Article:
Is this planet earth?

For those of you who know me, you know I live in Utah. And when you think of Utah you probably think of all of the beautiful National Parks and recreation opportunities, Park City and Sundance Film Festival. Oh wait, I almost forgot. Mormons.

Firstly I have to defend the state which I live and it's dominant religion and say that it has created a really, really great place to raise a family. Overall the crime rate is low, most activities or festivals are kid friendly. And I like living here. Honestly, I can usually overlook the annoyance that comes with living in a very religious state. I mean, Utah isn't the only one. There are others whose laws are heavily influenced by the dominant religion, but it doesn't seem that they bleed their religiosity from every pore of their being.

Last night I was out with my family having dinner at a The Union Grill and afterward we went to Farr's Ice Cream. For those of you familiar with Ogden, you know this is a mainstay of town. Particularly on hot summer nights. It attracts all kinds of people - families, kids on dates and old people but there is one thing you can always count on.....Temple Workers. You can spot them (and yes I mean them in that sort of way) from a mile away. The Ogden LDS Temple is right across the street from Farr's Ice Cream so they often walk over and have some ice cream. It is a wholesome activity after all.

While we were there a car load of middle aged men pulled up wearing slacks and ties. I said to Thom, "Here they come. Watch for the carload of teenage girls followed by the carload of teenage boys." Sure enough, not more than a minute later the girls arrived followed by the boys. They all got out, looking so prim and proper, wearing their Sunday best. They were having an ice cream treat after completing their temple work. Baptisms for the dead, by proxy.

You might ask, "how do you baptize people after they are dead?"

This is not a short explanation. You have been warned.

A lot of people are interested in genealogy, family history etc but Mormons are REALLY interested in it. Not just to know who their ancestors were but in order to do temple work for them from beyond the grave. Spooky, isn't it?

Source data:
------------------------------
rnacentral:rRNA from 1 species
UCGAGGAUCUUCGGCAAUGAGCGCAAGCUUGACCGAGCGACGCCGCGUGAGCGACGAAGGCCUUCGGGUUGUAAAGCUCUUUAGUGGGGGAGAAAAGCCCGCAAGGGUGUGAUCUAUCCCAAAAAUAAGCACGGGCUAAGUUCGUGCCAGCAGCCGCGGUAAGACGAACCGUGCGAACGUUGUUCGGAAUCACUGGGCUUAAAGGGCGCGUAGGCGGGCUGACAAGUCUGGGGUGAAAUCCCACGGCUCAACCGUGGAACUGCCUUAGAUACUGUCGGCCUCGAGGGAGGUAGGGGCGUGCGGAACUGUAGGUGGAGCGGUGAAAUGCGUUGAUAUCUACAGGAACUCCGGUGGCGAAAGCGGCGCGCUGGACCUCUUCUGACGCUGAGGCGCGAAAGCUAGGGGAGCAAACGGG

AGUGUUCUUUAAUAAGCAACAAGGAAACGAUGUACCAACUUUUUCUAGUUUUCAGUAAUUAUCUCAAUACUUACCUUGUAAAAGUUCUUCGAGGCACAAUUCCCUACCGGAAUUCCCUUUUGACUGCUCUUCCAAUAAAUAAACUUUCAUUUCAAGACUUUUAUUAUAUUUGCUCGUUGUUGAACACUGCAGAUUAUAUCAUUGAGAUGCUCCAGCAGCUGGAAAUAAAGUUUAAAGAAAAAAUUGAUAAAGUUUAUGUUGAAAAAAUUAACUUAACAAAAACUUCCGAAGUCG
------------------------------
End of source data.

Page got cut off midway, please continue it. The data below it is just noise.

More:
After the list of ancestors has been compiled the names find their way into "the church" records and all different kinds of temple work is done for them, by proxy. In most other states (or countries) when you say, the church, it usually refers to the Roman Catholic Church or even the Church of England. In Utah, when you say "the church" you can bet your bottom dollar they are referring to the Mormon Church.

So on to the process. The list of names is prepared, young men and women don their Sunday best, climb into the suburban (the 'burb) and head downtown to the local temple. They go into the locker room and change into the sacred white temple garments (and I'm not referring to THE garments, these are reserved for those who have obtained a temple recommend and have taken out their "endowments") and line up outside of the baptismal font. One by one they take their turn being baptized, by proxy, 20-50 times depending on the number of people waiting in "paradise" for the opportunity to be Mormon.

The prayer is said, your entire body is immersed in the water, you come up for air and start over again with the next name on the list. There is a teleprompter with the prayer and the names. It's all very bizarre and cult-like.

Personally I find it creepy that some middle aged guy stands around in a pool of water all day playing "wet t-shirt contest" with a bunch of teen aged kids. Just feels weird to me.

I don't have any details about temple work aside from Baptisms for the dead because this is the only thing I have ever participated in. And in my defense, I did it, not because I felt some kind of holy responsibility to do it, but because when you are a 14 year old girl living in a Mormon state, being raised Mormon, it's what you do. And this is the sad thing. Luckily I had my mind about me enough not to be duped by the rhetoric, not everyone is as lucky as me. Most kids who are raised Mormon, die Mormon. It's the sad truth. And I think a large number or Mormons, stay Mormon, not because they really to believe it is "the one true church," but because they are terrified to do anything about it. The stigma of "falling away" is great here.

Personally, if I believed there was a heaven and I was waiting for rapture or the end of the world and someone on Earth tried baptizing me into a religion I didn't want to be a part of, I'd be pissed. And God would hear about it!

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